The weekend of May 19-20, two communities on either side of the Pacific celebrated over 140 years of Americans living in Japan and Japanese living in America. In the Japanese city of Shimoda, Shizuoka, performances by the US Forces Japan (USFJ) military band, and a parade featuring US Ambassador John Roos and his wife were among the festivities enjoyed by over 230,000 visitors to the Black Ships Festival, commemorating the 1854 arrival of American Commodore Matthew Perry, which reopened Japan to the world and made Shimoda the first home of Americans in Japan. Meanwhile residents of Sacramento, California experienced Japanese food and cultural demonstrations at the Wakamatsu Festival at the site of the first permanent Japanese community in the mainland United States, the “Wakamatsu Tea and Silk Colony Farm” which was established by Japanese immigrants from Fukushima in 1869. Both festivals represent the long history of interaction and integration that have made Americans and Japanese literally neighbors in each country.
In this two-part report, we will look at what the 2010 census numbers reveal about America’s Japanese population and Americans residing in Japan.
Japanese Living in America
In 1880, only 148 Japanese lived in the US. Today, according to Japanese government statistics, 384,411 Japanese citizens live in America, making it home to the largest number of overseas Japanese in the world and 38% of its permanent expatriates. The findings of the 2010 US Census however, reveal a broader picture of the Japanese community in the US: while over 763,000 people identified their ethnicity as “Japanese alone,” over 1.3 million in America identify themselves as having Japanese heritage in some form.
Among America’s Asian community, Japanese make up the 6th largest group, after the more sizable Chinese, Filipino, Indian, Vietnamese, and Korean populations. Census data indicates that Japanese in America show the highest rates of intermarriage and integration among the largest groups of Asians and Asian Americans, as 41% reported multiple heritages in addition to Japanese. While the number of those who identify themselves as “Japanese only” declined slightly over the course of the past decade, since 2000 the population of “Japanese in combination”(with another race or ethnic group) increased 13.5%.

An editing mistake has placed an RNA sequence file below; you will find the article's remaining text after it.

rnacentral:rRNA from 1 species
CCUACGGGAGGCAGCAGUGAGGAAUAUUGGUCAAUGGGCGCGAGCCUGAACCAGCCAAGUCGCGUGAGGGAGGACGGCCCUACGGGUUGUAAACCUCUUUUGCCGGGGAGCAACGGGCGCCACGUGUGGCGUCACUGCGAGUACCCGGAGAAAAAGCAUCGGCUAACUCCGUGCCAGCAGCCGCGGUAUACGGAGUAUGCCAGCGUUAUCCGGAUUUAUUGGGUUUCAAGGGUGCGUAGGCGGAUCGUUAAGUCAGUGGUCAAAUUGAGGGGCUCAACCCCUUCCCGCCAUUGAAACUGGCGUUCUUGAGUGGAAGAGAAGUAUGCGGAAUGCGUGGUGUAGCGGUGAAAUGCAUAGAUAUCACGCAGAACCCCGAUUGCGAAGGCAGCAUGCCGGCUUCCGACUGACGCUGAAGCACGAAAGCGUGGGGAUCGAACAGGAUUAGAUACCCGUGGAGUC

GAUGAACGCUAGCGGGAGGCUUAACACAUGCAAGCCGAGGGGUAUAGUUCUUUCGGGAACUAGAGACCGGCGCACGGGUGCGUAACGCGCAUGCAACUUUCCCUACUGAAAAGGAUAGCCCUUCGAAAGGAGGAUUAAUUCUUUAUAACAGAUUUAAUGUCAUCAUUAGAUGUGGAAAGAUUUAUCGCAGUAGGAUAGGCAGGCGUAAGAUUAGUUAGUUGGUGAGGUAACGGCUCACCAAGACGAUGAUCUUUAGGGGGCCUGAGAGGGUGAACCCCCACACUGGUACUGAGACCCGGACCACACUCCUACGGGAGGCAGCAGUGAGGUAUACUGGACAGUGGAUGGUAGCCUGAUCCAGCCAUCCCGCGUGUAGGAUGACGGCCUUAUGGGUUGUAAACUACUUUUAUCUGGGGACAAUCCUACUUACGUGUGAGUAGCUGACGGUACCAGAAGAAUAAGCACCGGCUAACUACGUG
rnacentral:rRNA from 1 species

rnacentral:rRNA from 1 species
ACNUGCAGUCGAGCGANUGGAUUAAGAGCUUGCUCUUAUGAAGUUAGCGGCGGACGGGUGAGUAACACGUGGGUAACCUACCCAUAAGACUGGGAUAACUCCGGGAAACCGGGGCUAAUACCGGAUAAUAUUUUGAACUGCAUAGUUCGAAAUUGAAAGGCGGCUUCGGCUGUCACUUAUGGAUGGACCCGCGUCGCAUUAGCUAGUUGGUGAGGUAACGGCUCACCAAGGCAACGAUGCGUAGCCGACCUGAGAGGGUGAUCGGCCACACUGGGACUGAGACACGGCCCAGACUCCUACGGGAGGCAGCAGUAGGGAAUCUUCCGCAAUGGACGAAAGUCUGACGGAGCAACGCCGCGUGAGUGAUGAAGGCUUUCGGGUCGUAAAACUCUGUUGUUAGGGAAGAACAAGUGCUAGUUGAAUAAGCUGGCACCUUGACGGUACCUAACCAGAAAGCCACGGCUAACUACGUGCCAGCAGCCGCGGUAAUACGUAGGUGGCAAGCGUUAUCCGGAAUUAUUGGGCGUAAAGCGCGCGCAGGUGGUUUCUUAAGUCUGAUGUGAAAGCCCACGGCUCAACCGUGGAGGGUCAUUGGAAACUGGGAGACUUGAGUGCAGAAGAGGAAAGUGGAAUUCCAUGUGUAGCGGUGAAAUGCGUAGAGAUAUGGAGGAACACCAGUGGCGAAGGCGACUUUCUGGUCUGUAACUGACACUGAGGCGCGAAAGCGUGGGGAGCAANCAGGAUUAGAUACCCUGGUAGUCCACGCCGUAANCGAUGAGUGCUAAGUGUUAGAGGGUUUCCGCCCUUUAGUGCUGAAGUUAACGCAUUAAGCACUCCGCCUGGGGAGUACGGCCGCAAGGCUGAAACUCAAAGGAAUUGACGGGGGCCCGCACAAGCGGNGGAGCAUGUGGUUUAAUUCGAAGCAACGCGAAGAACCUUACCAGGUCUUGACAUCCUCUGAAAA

Part of this is due to the fact that much of the immigration from Japan occurred a long time ago; with the first large scale waves arriving in late 1880s as Japanese were recruited from specific agricultural regions for work on Hawaii’s sugar plantations, and many moving on to the West Coast to substitute the then restricted Chinese labor as coolies and farm workers. Anti-immigrant unrest in California and other places eventually lead to legislation to restrict entry to only the wives and children of Japanese laborers in 1907, and to completely cut off immigration from Japan in 1924. This along with strained US-Japan relations leading up to World War II required the Japanese community in the US to become self-sustaining and encouraged its integration with the mainstream population.
Now, only 24% of people of Japanese ethnicity in the US in 2010 were born in Japan, despite fresh immigration-largely spurred by business investment- over the past 20 years.
Most of the Japanese population in the US resides in the Western part of the United States, with states that were the traditional destinations of the first Japanese in America, California, Hawaii and Washington, remaining home to the largest numbers. More than 13% of Hawaii’s total population reports Japanese heritage. Much like the broader group of Asians in America, the Japanese community is growing as well, increasing since the last census in every state but West Virginia. North Dakota saw the largest increase of 67%, followed by Nevada (63%), Arizona (49%), and North Carolina (45%).